The commemoration of the murder of Romani prisoners by the Nazis in the Auschwitz concentration camp in August 1944 is a chance to reflect on the future of the Romani people in the
UK and around the world. But instead of being overwhelmed by their history, Roma
campaigners see their history as offering a way forward not only for
themselves, but for the world community.
For the first time, the Nazi genocide of their people, the Porajmos (destruction), is being linked to a ceremony in
Hiroshima to remember victims of the atomic
bomb dropped on the city.The event is timely. It comes just as the European Roma
Rights Centre has detailed
attacks against Romas in Hungary,
Bulgaria and the Czech and . Slovak Republics
In these and other EU countries, including
wholesale suppression is “operated from behind a smokescreen of rules over
documentation, planning law and even people trafficking,” says campaigner Grattan
Amongst the acts of violence are firebombings, shooting, stabbings and beatings, which have left eight people dead and many others injured. The report says there is an increasingly racist climate and that offenders are not being successfully prosecuted.
And lest we think the
is exempt from anti-Roma attitudes, prejudice is being fuelled by Channel 4’s
“observational documentary” Big Fat Gypsy Wedding, now being marketed around Europe. UK Romani campaigners are rightly enraged by the humiliating
depiction of Irish and English Travellers and Romany Gypsies in this crass portrayal
of their culture.
Mike Doherty, of the Irish Travellers Movement, in a penetrating deconstruction of BFGW, describes it as “car-crash television that feeds into - and inflames - the extremely visible political and social conflict around Gypsy and Traveller site provision in the
and nods towards…the death of the idea of multiculturalism. in Europe”.
“It uses sleight of hand to allow the viewer to laugh at cartoonish and seemingly racist representations of some of the most marginalised and persecuted ethnic minorities... the prejudiced tropes fly thick and fast.”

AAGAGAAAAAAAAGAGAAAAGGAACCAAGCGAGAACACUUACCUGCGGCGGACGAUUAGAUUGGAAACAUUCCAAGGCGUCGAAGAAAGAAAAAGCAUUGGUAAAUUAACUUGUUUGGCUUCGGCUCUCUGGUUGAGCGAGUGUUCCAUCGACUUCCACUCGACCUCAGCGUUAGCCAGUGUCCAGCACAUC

Romas see the 1971 World Romani Congress, held in Orpington near
a key historical moment, which placed their culture on the map. It established
April 8 as Roma Nation Day. Then in 2000, the Fifth Romani World Congress put
forward a ground-breaking claim: non-territorial nationhood.
An extraordinary statement in 2001 rejected the “consubstantiation” of concepts of state and nation, which, it said “is still leading to tragedies, wars, disasters and massacres”.
The history of the nomadic Roma nation cuts through the merging of state and nation. The Roma nation’s dream, could offer to the world community and individuals belonging to other nations a new way for the “new world” of the 21st century, it added.
Granting the Roma’s request for nationhood, the statement proposes, could enable all of humanity to make a substantial step forward. “We offer our culture, our tradition, the resource which is in our historic refusal to search for a state: the most appropriate awareness of the contemporary world.”
Puxon, spokesperson for the April 8 movement, is calling for co-ordinated mass action, voter power and an “upgrade in self-representation”. He notes that anti-Roma injustice and abuse is being confronted by activists in
Paris, Prague and
Roma numbers within the European Union are set to double by 2050. Puxon believes this will make their demands irresistible. But, alongside other people’s movements, Roma writer Ronald Lee’s dream of a Romanistan – a nation with or without a token state – is gaining momentum.
As Puxon notes, “long-term survival has been the single greatest achievement of the scattered Romani communities” but now the communities can come together to create a virtual Romanistan.
A World to Win secretary